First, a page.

[Use the same ARI]

For the ones who don't know: if you are restoring a snapshot of your instance by creating a new AMI from the snapshot and then create a new instance from the AMI, you must use the same Amazon Kernel Image (AKI) as the original instance when you are creating the AMI.

It is not required (as far as I know) to define the Amazon Ramdisk Image (ARI) parameter exactly the same as the original instance, but you must select the same kernel version or you will end up with a beautiful kernel panic.

[Don't let fstab to trick you]Another interesting thing is that if you had an instance with two volumes attached, and you are restoring just one snapshot (lets say, the root partition), the Instance will no load. Maybe you will have ping to your instance. You may not have SSH to it. If you look at the logs you will see something like:

The disk drive for /FOO is not ready yet or not present
Continue to wait; or Press S to skip mounting or M for manual recovery

This is because the /etc/fstab is expecting a device that is not present, and it is not able to mount it. If, for some odd reason you still want to boot from this volume but without attaching the required device, you need to follow this steps:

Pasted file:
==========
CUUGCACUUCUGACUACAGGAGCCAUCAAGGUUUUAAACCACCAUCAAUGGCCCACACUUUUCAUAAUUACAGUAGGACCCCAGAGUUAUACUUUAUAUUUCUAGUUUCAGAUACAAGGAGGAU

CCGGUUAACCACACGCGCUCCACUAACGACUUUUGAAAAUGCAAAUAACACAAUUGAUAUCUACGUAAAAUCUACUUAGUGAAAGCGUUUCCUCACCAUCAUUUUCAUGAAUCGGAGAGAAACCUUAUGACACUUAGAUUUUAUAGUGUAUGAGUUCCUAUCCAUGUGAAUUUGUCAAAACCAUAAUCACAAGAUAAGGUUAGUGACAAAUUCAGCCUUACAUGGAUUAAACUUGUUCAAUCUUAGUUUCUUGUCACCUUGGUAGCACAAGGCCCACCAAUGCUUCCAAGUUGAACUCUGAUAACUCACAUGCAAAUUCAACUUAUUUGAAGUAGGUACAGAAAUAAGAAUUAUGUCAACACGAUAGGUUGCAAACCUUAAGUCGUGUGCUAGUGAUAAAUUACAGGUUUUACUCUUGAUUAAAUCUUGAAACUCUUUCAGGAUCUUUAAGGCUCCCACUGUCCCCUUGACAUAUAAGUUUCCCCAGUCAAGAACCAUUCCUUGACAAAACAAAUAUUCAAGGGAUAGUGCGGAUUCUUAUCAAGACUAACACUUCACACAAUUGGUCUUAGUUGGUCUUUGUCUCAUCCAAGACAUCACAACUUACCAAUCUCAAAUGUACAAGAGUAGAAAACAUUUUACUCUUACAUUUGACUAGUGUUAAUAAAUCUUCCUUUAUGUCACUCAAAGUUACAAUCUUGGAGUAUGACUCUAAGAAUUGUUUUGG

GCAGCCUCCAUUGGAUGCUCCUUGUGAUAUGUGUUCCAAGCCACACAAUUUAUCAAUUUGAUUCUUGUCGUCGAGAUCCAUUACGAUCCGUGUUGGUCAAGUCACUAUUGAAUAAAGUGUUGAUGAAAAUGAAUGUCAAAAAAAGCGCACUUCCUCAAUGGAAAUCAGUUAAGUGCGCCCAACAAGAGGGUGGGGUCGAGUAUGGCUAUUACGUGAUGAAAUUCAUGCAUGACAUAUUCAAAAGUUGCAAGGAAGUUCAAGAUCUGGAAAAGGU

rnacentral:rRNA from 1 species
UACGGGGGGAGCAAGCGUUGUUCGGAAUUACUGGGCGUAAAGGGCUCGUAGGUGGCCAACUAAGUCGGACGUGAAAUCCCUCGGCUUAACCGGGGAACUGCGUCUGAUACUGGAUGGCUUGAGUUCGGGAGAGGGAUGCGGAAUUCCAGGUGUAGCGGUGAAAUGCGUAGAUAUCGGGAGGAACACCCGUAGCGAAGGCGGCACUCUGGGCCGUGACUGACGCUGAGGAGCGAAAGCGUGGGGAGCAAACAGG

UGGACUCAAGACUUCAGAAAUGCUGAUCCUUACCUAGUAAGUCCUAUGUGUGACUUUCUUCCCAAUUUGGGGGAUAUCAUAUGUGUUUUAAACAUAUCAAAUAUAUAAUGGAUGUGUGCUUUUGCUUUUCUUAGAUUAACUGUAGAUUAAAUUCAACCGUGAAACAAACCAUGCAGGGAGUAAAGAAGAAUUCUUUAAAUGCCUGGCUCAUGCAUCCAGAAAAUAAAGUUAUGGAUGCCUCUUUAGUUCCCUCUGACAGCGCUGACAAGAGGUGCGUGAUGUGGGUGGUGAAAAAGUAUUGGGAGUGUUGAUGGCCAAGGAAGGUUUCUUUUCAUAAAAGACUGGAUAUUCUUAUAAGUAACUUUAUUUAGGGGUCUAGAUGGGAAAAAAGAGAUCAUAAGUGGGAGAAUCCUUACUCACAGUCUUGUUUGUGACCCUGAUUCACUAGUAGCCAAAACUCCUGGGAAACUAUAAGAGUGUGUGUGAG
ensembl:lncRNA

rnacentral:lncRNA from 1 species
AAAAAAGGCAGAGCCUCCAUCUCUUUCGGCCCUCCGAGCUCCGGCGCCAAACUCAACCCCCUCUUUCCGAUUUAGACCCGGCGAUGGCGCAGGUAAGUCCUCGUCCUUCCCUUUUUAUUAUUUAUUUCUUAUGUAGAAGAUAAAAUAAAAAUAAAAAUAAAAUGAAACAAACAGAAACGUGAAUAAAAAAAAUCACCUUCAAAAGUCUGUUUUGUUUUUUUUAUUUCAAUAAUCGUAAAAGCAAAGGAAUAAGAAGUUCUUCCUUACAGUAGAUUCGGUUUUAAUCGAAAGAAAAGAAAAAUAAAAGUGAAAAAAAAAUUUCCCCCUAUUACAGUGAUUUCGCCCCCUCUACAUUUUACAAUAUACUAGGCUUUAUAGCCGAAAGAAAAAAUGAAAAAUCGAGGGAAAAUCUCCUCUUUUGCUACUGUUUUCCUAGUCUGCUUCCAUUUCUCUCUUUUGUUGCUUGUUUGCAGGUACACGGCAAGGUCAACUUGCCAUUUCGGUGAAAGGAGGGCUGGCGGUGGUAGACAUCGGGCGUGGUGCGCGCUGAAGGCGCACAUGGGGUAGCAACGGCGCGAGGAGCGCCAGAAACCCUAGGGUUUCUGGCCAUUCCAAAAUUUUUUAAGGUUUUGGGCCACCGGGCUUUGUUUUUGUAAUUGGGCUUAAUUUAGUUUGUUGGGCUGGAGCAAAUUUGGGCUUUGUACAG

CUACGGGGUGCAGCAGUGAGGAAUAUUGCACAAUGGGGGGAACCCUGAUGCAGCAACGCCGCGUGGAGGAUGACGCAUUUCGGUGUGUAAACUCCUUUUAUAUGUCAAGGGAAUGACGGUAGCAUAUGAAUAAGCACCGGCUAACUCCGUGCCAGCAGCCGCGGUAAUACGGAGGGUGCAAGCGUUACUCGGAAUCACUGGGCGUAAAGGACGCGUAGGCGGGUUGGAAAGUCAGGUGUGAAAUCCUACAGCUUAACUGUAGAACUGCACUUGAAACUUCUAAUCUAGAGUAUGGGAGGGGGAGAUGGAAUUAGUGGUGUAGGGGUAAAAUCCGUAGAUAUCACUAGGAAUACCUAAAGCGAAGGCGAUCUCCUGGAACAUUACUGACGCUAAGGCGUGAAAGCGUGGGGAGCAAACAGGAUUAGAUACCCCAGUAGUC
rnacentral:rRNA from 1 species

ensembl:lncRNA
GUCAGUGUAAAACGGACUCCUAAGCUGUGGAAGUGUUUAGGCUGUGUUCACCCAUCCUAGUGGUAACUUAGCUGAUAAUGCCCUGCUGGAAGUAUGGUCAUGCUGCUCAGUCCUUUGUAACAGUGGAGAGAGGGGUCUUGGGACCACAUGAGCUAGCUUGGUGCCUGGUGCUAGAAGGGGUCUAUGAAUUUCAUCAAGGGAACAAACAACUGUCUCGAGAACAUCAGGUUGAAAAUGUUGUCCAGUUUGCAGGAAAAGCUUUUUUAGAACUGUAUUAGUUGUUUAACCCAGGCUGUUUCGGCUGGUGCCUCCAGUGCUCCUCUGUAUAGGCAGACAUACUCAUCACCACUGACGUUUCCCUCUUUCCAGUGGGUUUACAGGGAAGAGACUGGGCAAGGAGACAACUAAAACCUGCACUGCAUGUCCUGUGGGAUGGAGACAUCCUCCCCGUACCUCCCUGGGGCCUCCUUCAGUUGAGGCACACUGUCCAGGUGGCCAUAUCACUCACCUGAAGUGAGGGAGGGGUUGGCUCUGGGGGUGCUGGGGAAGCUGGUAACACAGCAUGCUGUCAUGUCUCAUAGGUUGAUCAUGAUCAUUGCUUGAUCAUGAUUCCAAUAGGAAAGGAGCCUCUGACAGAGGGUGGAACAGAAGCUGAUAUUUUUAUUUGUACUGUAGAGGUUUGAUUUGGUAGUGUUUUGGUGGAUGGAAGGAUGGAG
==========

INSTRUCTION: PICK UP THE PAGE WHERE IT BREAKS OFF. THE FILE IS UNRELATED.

1. Detach the volume you want to boot from the instance you had already created.
  2. Create a new micro instance from the scratch (just for being able to modify a file)
  3. Attach and mount the volume that you want to boot on the newly created instance
  4. Edit the /etc/fstab file and add the option nobootwait to all the devices you don't want to mount [1]
  5. Save the file, umount the partition, detach the device from the micro instance and terminate the micro instance (the one created in step 2)
  6. You can now attach the device that contains the root partition to your instance again
  7. Boot normally, and the message should not appear anymore.

[Extra info]

BTW, I want to share with you some extra information I did not know and I've googled:

The AKI or Amazon Kernel Images represents the vmlinuz portion of the kernel. Yep, I didn't remember either what vmlinuz: vmlinuz is a compressed Linux kernel, and is bootable. Is capable of loading the operating system into memory so the computer becomes usable. So, basically I understand that when you are creating an instance from an AMI, it does not give a shit on the kernel that's on the AMI, and uses the one you have selected when you created the AMI. Don't know why, though. It doesn't really make sense to me, because if you have a kernel in your filesystem, why not use it? Don't know. AWS injects the kernel you have selected on the AMI creation processes for some reason, and prevents you to boot a AMI with a kernel installed in the FS if you have not selected exactly the same in the AMI creation process (eg: while recovering a snapshot).

In this post there is some information about PVGrub, and it seems to me that is like a Grub simulator, for being able to load the kernel from the filesystem instead of specifying it on the AMI/instance creation process. Haven't tried though, and don't know how it works.

And this is it. Take care.

[1] http://askubuntu.com/questions/120/how-do-i-avoid-the-s-to-skip-message-on-boot